American studies professor Eric Porter receives 2003
American Book Award
Harry Noller receives more honors
August 4, 2003
Awards and Honors
American studies professor
Eric Porter receives 2003 American Book Award
Photo: Ann M. Gibb
Eric Porter, associate professor of American studies, has been honored
with an American Book Award from the Before
Columbus Foundation for his work What
Is This Thing Called Jazz? (UC Press, 2002). The book details
the ideas and experiences of members of the African American jazz community
over the past century, exploring issues of race, economics, and politics
that resound through the decades of jazz history.
The Before Columbus Foundation was founded in 1976 as a nonprofit educational
and service organization dedicated to the promotion and dissemination
of contemporary American multicultural literature. The American Book
Awards were created to recognize outstanding literary achievement from
the entire spectrum of the countrys diverse literary community.
Award winners are nominated and chosen by a panel of writers, editors,
and publishers who themselves represent the diversity of American literary
culture. The winners range from renowned and established writers, to
underrecognized and first-time authors.
Porter joins 12 other honorees this year, including Daniel Ellsberg,
for his book Secrets: A Memoir of Vietnam and the Pentagon Papers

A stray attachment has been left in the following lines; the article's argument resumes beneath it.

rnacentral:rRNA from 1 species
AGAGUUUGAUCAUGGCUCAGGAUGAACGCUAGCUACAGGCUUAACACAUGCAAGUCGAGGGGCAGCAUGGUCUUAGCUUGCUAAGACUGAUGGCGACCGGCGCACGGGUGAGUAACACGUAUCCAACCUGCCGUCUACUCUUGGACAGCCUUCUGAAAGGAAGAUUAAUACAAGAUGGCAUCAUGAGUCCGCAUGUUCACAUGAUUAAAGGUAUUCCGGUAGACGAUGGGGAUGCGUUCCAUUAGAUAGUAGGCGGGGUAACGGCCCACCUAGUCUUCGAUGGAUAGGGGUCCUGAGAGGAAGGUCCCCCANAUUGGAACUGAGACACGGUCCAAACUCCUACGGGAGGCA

(Viking); Kevin Baker, for Paradise Alley (HarperCollins); and
Alejandro Murguia for This War Called Love: Nine Stories (City
The 2003 American Book Award winners will be formally recognized during
ceremonies at the Oakland Art and Soul Festivals Literature Expo
scheduled for August 31.
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Harry Noller receives
Harry Noller, the Sinsheimer Professor of Molecular Biology,
has been in great demand as a speaker on account of his groundbreaking research
on the structure and function of the ribosome, a critical component
of all living cells.
In fact, he has had to turn down many requests to speak at universities
around the country due to time constraints. This spring, Noller accepted
two distinguished lectureships. In April, he gave the Carl and Gerty
Cori Lecture at Washington University School of Medicine in St. Louis.
In May, he delivered the Ada Doisy Lecture in Biochemistry at the University
of Illinois. Also this spring, Noller was elected a fellow of the American
Academy of Microbiology. An honorific leadership group, the academy
recognizes excellence, originality, and creativity in all areas of microbiological
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